ECB keeps eurozone interest rates on hold at 1%

Euro currency logo sign in front of ECB building in Frankfurt
Image caption Interest rates are at their lowest in the ECB's 10-year history

The European Central Bank (ECB) has held eurozone interest rates at a record low of 1% for the 14th month running, as expected.

The bank has kept rates low to try and stimulate the eurozone economy following the global economic downturn.

Many analysts argue rates need to stay low as governments are cutting back on spending, which undermines growth.

Earlier on Thursday, the Bank of England announced that it had kept UK interest rates on hold at 0.5%.

Explaining the ECB's decision to keep rates on hold, president Jean-Claude Trichet said the eurozone's economic recovery continued in the first half of the year, adding "we expect the [area's] economy to grow at a moderate and still uneven pace, in an environment of high uncertainty".

He said that inflationary pressure remained contained, with inflation likely to remain at or below the bank's 2% target rate over the medium term.

Dangers to growth

The eurozone economy has been in the international spotlight in recent months, with concerns about high government debt levels hitting global stock markets and threatening to derail the economic recovery.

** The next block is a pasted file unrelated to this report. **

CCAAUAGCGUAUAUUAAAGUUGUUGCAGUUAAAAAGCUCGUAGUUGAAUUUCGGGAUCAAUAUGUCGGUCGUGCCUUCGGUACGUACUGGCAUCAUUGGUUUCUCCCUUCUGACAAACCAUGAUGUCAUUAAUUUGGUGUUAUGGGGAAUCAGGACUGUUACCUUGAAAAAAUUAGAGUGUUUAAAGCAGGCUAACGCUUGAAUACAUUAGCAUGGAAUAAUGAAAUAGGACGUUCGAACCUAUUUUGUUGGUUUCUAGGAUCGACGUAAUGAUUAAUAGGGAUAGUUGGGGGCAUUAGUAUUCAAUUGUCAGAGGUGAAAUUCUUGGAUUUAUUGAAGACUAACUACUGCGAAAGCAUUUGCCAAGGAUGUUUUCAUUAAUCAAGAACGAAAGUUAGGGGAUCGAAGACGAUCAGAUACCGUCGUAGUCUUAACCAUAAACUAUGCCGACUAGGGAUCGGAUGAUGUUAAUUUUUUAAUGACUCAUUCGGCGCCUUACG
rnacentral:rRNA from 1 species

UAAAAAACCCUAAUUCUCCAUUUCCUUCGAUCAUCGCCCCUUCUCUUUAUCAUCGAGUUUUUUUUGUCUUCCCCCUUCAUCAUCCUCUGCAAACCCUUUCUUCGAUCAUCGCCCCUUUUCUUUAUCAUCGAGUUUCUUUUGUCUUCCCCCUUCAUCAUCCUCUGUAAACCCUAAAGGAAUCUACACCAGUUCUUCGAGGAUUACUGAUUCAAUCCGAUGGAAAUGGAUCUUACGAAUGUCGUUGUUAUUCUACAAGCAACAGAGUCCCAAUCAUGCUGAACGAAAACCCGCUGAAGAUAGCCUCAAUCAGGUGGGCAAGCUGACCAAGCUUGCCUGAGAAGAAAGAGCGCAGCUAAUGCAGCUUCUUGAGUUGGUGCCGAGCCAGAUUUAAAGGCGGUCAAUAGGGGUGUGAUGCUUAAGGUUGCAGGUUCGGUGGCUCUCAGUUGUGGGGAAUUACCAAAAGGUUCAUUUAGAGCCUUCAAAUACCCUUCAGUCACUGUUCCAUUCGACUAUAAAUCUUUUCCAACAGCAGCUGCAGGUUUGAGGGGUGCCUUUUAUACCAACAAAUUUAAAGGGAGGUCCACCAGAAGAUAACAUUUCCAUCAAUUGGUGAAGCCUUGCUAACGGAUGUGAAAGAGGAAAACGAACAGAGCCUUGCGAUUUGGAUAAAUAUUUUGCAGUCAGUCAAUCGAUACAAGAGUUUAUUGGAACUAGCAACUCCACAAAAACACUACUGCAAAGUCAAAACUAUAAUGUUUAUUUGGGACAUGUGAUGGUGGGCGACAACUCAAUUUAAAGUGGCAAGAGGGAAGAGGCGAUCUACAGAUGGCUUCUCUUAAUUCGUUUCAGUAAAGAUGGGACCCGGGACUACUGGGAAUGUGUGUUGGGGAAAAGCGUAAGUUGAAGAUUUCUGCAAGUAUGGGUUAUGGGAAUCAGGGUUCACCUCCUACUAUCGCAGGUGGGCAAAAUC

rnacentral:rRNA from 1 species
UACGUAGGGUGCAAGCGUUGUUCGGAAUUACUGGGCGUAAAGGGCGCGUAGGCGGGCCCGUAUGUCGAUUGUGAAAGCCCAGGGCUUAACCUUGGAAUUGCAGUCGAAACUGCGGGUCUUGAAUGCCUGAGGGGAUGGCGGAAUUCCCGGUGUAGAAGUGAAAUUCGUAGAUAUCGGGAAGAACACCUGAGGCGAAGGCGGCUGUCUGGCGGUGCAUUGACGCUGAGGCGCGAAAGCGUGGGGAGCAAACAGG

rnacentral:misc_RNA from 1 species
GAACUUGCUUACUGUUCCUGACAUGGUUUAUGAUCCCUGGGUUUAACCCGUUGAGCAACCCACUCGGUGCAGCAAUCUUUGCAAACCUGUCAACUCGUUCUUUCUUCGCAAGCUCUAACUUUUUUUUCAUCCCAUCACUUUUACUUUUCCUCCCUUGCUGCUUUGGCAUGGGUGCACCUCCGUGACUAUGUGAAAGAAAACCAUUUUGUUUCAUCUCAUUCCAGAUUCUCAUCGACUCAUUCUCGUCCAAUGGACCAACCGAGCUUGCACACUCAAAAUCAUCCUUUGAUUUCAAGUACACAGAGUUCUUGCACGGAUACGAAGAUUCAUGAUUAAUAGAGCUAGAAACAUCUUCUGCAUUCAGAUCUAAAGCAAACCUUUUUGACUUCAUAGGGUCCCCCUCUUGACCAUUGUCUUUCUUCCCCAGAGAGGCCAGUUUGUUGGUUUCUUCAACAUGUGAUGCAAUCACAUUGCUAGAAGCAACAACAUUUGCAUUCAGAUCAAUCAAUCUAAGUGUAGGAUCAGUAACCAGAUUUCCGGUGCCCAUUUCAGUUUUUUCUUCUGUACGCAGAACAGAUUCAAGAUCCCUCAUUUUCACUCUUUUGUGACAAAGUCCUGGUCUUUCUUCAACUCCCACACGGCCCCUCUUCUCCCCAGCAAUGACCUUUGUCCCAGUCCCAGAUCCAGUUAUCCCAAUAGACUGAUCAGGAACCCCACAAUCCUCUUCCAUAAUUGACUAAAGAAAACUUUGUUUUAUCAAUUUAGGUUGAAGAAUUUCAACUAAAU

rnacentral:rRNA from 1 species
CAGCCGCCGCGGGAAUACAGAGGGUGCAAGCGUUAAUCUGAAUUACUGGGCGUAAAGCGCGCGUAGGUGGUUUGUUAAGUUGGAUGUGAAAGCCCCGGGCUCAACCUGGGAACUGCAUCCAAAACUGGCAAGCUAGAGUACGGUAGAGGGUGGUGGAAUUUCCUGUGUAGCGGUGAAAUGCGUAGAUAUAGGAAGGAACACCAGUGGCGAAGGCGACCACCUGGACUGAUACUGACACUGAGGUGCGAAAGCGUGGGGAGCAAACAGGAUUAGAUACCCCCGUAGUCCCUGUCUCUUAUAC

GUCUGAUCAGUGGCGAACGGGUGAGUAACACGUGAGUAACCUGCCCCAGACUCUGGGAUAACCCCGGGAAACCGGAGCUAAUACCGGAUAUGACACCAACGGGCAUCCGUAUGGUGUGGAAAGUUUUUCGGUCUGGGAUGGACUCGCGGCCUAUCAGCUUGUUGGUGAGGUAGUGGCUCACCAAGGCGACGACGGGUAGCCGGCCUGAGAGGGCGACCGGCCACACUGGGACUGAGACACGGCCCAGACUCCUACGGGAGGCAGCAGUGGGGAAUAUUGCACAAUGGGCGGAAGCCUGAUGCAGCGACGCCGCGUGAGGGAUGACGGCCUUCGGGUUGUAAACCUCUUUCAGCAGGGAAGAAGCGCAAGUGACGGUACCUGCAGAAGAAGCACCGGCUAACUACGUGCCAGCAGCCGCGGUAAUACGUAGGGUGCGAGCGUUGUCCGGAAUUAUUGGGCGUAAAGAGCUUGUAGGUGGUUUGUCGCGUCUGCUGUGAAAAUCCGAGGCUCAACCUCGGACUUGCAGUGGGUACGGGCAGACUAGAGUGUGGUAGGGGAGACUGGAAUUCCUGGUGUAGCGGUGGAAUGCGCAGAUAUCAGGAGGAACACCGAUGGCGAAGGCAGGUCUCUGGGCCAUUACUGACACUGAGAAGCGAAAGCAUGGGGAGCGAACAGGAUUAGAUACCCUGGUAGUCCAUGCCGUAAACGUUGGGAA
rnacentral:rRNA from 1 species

Many governments have now introduced austerity measures, such as spending cuts and tax rises, designed to cut budget deficits.

For this reason, central banks are wary of increasing interest rates, which would also serve to cool economic growth.

In recent weeks, attention has turned to bank debt, with investors eagerly awaiting the results of stress tests designed to see how well equipped banks are to cope with future financial crises.

Mr Trichet said the tests should "build confidence" in markets as investors learnt how exposed banks were to bad debt. Transparency, he said, would be beneficial.

The results of these tests are due to be published on 23 July.

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